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The Real World of Alimony (Spousal Maintenance) Under Washington State Divorce Law

Washington Divorce law views spousal maintenance on the basis of what is called the “economic partnership model”. However, it usually focuses on the length of the marriage. If the marriage is less than five years you very rarely get maintenance.

The only time I see maintenance/alimony awarded in marriages less than five years is where one party is unemployed or would end up on the street if their partner just left them. Even in those cases, the awarded at temporary orders reads something like: “The [husband/wife] shall pay to the wife maintenance in an amount of $500 for six months or until the wife secures full-time employment. If full-time employment has not been found in 6 months the [husband/wife] may petition the court for an extension but only for good cause shown.” I have written orders like that many many times. At the temporary orders stage the judge or commissioner makes his or her ruling and says “Counsel, Write up the Orders”. Tradition has it that the primarily prevailing party draws them up; although sometimes a lawyer much older than you will assume that he or she will do the honors. We then often times have to go back in and argue over them. But that is usually if the attorneys either don’t know each other or one is inexperienced. As lawyers we also sit in the back of the courtroom and wait for our case to be called. During that time we talk with other attorneys about their cases or watch how the judges and commissioners decide other cases in Family Court.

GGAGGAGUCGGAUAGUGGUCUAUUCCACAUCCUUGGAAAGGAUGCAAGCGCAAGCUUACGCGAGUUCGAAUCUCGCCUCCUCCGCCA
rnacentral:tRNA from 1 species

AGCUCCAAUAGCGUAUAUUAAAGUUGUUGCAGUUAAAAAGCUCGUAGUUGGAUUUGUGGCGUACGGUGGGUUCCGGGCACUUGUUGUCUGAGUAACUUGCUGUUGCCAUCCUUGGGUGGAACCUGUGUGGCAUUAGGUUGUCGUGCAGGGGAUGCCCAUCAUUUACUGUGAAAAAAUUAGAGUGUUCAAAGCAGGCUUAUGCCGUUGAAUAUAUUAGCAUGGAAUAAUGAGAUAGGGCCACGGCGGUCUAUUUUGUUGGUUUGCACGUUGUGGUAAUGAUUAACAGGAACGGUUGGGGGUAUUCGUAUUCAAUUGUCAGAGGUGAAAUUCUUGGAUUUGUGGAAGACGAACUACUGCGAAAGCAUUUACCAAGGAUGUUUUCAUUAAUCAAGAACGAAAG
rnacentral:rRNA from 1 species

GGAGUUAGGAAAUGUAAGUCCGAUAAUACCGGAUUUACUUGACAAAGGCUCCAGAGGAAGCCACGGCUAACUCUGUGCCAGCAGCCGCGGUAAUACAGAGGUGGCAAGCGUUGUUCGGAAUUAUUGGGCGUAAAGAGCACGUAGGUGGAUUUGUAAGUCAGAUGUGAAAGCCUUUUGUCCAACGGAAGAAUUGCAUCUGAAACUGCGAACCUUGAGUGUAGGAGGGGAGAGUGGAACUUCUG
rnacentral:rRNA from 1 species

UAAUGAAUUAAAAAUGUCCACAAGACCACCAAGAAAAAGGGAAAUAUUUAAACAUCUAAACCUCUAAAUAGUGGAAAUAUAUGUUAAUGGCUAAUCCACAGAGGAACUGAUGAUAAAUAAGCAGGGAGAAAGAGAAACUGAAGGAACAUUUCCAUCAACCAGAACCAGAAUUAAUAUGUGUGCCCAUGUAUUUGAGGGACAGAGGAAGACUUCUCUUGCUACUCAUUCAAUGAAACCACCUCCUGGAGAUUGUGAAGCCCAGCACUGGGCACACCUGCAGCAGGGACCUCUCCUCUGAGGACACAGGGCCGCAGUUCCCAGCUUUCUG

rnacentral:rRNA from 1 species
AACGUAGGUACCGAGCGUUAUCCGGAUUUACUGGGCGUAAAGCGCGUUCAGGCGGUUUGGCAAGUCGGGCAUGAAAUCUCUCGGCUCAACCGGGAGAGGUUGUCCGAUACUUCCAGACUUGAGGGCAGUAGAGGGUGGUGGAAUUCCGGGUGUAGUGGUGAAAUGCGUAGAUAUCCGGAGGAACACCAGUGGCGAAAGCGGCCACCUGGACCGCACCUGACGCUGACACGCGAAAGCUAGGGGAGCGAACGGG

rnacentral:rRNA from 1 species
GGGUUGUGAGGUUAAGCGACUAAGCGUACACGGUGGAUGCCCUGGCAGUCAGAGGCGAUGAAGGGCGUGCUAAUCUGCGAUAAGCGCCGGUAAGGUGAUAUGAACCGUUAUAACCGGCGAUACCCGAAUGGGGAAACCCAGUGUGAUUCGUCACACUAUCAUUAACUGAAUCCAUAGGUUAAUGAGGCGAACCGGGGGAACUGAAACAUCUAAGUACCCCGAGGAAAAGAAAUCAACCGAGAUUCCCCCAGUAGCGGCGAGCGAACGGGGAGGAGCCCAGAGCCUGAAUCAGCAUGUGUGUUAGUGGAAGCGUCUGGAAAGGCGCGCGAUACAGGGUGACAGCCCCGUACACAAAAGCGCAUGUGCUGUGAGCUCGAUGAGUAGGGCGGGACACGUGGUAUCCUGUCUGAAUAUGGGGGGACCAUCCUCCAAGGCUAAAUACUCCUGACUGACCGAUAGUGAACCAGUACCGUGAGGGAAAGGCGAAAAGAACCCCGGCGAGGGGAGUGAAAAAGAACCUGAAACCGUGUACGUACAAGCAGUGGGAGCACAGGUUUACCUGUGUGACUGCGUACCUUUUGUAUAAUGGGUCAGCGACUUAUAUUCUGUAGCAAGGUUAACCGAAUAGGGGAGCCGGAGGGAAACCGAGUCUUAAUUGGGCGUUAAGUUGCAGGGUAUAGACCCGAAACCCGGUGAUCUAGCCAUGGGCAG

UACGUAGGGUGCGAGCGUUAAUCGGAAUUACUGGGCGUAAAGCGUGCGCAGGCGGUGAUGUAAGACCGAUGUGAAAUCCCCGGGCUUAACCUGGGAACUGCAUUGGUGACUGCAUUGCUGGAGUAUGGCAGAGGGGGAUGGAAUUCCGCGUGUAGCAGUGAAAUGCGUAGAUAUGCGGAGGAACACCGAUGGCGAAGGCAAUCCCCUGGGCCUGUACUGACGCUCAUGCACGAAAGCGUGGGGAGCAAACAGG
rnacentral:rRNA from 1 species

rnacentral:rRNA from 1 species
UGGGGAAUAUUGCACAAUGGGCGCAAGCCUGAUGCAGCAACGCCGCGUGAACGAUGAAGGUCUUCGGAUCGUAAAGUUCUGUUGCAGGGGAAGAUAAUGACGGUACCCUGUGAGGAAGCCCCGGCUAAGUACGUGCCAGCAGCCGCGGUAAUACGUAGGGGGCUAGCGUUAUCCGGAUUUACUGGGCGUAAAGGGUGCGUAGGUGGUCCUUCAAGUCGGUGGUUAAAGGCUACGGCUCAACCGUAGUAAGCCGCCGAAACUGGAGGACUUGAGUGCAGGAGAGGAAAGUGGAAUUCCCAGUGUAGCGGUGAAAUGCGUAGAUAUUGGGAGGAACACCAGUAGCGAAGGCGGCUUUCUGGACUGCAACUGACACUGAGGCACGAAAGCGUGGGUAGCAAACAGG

On the other hand marriages longer than 20 years almost always do involve some form of maintenance, or “evening out” of the income and assets over time. The goal of the Court in such long-term marriages is mainly to maintain the partys financial standing at the same level for a considerable time after the marriage.

Spousal maintenance in Washington has traditionally been defined by an oft-quoted (and legally cited) bar journal article by Judge Windsor. It has been cited in many Washington divorce Supreme court cases.

Recently, there has been discussion regarding a new metaphor. A recent (2006) Washington State Bar Journal article discusses the subject. Maintenance can be highly discretionary and the cases I have dealt with on appeal have been difficult to overturn. That is basically the general consensus: the Judge or Commissioner must have really, really screwed up before they overturn it. Yes, you are thinking the right thing: it is very important to win at the lower levels. Don’t sit back and comfort yourself that “If they make the wrong decision I can just appeal.” This is not tax or corporate law. There are fewer analytical rules to follow. And this is alimony in the real world.